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Fence and Retaining Walls

Fences and retaining walls play an important part in structural engineering. Fences can be a quick way to seal off a perimiter and doesn't require much foundational perp work. Retaining walls are a great way to create barriers using steep or unlevel foundations. Since fences and structural walls are important for structural engineering, HH Consulting understands the science and engineering that goes into building a good fence or retaining wall which are often a part of residential and commercial projects.

We build sturdy and reliable fences

Fences have been used for centuries by many different civilizations but a good fence still needs an engineer to build it right. A fence is a structure used to enclose an area of space, typically outside your house or property. This structure uses posts that can be connected by boards, wire, rails or nettings to create a physical barrier. A fence is slightly different from a wall that it doesn't rely on having a solid foundation along it's entire length.

Chainlink Fence

Traditional alternatives to fencing includes a ditch, sometimes filled with water, forming a moat. However, these alternatives aren't common because fences are a cheaper and faster structure to build and serves virtually the same purpose.

Fences and function

The type of fence you need has probably already been engineered, here is a list of fences by function, since fences are essentially a barrier to keep things in or out they can be built to serve specific functions.

Agricultural fencing

Agricultural fencing is used to keep livestock in and/or predators out.

Blast fence

A blast fence is a safety device that redirects the high energy exhaust from a jet engine.

Acoustic fencing

A sound barrier or acoustic fencing is used to reduce noise pollution.

Crowd control barrier

Also known as the French barrier or bike rack, crowd control barriers are commonly used at many public events to control crowd traffic.

Privacy fencing

Privacy fencing is used to provide privacy and security.

Temporary fencing

Temporary fencing is used to provide safety, security, and to direct movement wherever temporary access control is required. This is especially important for building and construction sites.

Perimeter fencing

Perimeter fencing is used to prevent trespassing or theft and/or to keep children and pets from wandering away.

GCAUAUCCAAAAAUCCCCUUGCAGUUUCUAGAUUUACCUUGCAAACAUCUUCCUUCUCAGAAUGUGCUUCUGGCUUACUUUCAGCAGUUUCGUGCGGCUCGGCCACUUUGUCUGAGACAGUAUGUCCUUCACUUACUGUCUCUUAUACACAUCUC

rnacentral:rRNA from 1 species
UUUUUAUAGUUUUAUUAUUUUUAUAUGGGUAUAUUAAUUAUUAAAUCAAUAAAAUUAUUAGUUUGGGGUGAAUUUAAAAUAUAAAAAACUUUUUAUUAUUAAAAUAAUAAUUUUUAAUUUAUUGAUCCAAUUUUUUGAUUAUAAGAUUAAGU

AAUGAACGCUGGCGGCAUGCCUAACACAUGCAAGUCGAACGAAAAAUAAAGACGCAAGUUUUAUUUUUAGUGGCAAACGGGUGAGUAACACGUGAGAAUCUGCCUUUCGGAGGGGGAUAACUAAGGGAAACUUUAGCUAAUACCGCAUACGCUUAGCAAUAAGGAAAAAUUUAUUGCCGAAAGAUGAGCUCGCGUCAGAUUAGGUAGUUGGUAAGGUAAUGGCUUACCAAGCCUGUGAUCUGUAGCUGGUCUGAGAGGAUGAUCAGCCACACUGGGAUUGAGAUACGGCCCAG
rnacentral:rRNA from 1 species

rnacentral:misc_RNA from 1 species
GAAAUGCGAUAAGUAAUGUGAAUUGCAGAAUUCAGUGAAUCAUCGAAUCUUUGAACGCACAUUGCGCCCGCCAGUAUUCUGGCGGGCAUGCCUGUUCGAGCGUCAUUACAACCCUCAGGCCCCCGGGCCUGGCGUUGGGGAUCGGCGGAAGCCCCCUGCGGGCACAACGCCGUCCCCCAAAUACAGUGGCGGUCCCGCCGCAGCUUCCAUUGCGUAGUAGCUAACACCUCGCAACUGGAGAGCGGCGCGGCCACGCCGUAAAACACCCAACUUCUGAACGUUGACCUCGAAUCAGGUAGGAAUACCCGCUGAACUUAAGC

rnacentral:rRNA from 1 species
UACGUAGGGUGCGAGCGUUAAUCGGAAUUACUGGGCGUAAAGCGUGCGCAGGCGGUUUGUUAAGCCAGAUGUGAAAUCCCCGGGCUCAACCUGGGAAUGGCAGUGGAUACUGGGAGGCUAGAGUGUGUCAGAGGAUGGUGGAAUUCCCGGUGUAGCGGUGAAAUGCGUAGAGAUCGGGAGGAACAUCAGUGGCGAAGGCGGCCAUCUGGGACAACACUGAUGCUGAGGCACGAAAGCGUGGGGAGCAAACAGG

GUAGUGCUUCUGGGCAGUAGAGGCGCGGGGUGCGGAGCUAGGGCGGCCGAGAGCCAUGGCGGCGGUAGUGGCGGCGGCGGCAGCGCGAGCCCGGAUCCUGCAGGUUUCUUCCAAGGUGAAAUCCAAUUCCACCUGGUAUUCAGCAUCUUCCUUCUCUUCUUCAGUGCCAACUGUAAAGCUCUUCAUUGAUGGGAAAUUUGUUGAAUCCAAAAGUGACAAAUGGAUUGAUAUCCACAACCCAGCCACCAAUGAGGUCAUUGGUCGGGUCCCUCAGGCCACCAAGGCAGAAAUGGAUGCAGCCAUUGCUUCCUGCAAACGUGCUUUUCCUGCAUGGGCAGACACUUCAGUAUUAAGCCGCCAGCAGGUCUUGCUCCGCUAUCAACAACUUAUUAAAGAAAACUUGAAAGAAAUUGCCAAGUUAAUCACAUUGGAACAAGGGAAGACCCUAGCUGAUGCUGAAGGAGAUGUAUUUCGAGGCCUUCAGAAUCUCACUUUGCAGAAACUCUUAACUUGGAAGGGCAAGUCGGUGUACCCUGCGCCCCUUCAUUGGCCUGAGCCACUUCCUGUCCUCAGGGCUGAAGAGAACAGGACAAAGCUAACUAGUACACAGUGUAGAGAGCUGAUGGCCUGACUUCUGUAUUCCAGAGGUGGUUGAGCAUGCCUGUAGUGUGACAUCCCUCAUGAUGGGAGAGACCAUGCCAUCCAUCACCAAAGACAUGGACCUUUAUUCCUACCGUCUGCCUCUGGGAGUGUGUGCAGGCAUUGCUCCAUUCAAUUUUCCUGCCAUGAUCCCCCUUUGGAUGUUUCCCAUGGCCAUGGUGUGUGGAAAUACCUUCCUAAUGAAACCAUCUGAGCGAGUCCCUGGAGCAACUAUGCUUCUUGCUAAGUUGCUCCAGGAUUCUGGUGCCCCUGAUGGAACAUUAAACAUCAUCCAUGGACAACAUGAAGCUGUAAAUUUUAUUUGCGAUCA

Decorative fencing

Decorative fencing is used to enhance the appearance of a property, garden or other landscaping.

Boundary fencing

Boundary fencing can be used to fence off a piece of real property.

Newt fencing

Newt fencing, also known as amphibian fencing, drift fencing or turtle fencing is a low fence of plastic sheeting or similar materials used to restrict movement of amphibians or reptiles.

Pest-exclusion fencing

Pest-exclusion fencing is used to exclude certain types of animal pests from an enclosure.

Pet fencing

Pet fencing is simply used for pet containment.

Pool fencing

Pool fencing is used to create barriers around pools or bodies of water to protect children, pets, or non swimmers from drowning.

Snow fencing

A snow fencing is very similar to sand fencing as they serve the same function, which is a barrier that forces windblown, drifting snow/sand to accumulate in a desired place.


A balustrade or railing is a fence to prevent people from falling over an edge, most commonly found on a stairway, landing, or balcony. Railing systems and balustrades are also used along roofs, bridges, cliffs, pits, and bodies of water.

Construction methods

Different types of fencing requires different construction methods. Here's a list of construction methods by different fencing type.

Brushwood fencing

Brushwood fencing is a fence made using wires on either side of brushwood, to compact the brushwood material together.

Chain-link fencing is wire fencing made of wires woven together,

Close boarded fencing

Close boarded fencing is a strong and robust fence constructed from mortised posts, arris rails and vertical feather edge boards.

Expanding fence

An expanding fence or trellis is a folding structure made from wood or metal on the scissor-like pantograph principle, sometimes only as a temporary barrier.

Hedge fencing

There are different types of hedge fencing, these are:

  • Cactus fence
  • Hedgerows of intertwined, living shrubs (constructed by hedge laying)
  • Live fencing is the use of live woody species for fences
  • Turf mounds in semiarid grasslands such as the western United States or Russian steppes
Hurdle fencing

Hurdle fencing is a structure made from moveable sections.

Pale fencing

A pale fence is composed of pales. Pales are vertical posts embedded in the ground, with their exposed end typically tapered to shed water and prevent rot from moisture entering end-grain wood - joined by horizontal rails, characteristically in two or three courses. This method is also known as post and rail fencing.


A palisade, or stakewall is made of vertical pales placed side by side with one end embedded in the ground and the other typically sharpened, to provide protection. Typically two courses of waler are added on the interior side to reinforce the wall.

Picket fencing

Picket fences are generally a waist-high, painted, partially decorative fence.

Roundpole fenceing

Roundpole fences are similar to post-and-rail fencing but more closely spaced rails, typical of Scandinavia and other areas rich in raw timber.

Slate fencing

A slate fence is a type of palisade made of vertical slabs of slate wired together. This type of fencing is commonly used in parts of Wales.

Split-rail fencing

A Split-rail fence is made of timber, often laid in a zig-zag pattern, particularly in newly settled parts of the United States and Canada.

Vaccary fencing

A caccary fence (named from Latin vaca - cow) is used for restraining cattle. This fence is made of thin slabs of stone placed upright, found in various places in the north of the UK where suitable stone is had.

Vinyl fencing

A vinyl fence is a fence made using synthetic plastics, such as vinyl (PVC), polypropylene, nylon, polythene (polyethylene) ASA, or from various recycled plastics.

Solid fences

There are various types of solid fences, some of them are:

  • Dry-stone wall or rock fence - often seen in agricultural evnironments.